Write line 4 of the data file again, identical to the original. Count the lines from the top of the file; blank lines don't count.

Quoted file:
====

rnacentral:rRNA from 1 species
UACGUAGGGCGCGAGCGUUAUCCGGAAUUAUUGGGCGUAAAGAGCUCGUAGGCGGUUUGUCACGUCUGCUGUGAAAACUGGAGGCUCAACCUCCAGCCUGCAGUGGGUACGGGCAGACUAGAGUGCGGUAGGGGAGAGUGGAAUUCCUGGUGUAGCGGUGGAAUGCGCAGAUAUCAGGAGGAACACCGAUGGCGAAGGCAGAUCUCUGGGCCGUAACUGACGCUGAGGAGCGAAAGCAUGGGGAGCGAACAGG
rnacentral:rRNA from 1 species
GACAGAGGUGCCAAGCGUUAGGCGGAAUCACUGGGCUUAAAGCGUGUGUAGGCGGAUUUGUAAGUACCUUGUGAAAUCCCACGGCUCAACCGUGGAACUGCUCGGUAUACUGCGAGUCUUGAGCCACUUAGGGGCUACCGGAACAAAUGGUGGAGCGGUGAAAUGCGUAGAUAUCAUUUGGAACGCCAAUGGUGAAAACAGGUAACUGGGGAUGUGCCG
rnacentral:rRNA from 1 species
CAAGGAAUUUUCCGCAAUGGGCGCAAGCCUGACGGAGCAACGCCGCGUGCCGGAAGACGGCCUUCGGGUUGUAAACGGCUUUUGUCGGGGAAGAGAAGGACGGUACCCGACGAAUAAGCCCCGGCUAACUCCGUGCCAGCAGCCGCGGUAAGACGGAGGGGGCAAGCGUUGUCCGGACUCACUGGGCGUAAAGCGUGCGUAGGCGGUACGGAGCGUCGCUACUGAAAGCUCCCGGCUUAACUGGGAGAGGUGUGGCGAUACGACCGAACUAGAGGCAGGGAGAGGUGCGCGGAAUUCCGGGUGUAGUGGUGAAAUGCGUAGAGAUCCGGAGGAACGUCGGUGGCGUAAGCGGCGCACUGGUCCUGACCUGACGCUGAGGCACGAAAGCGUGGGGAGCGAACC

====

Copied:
GACAGAGGUGCCAAGCGUUAGGCGGAAUCACUGGGCUUAAAGCGUGUGUAGGCGGAUUUGUAAGUACCUUGUGAAAUCCCACGGCUCAACCGUGGAACUGCUCGGUAUACUGCGAGUCUUGAGCCACUUAGGGGCUACCGGAACAAAUGGUGGAGCGGUGAAAUGCGUAGAUAUCAUUUGGAACGCCAAUGGUGAAAACAGGUAACUGGGGAUGUGCCG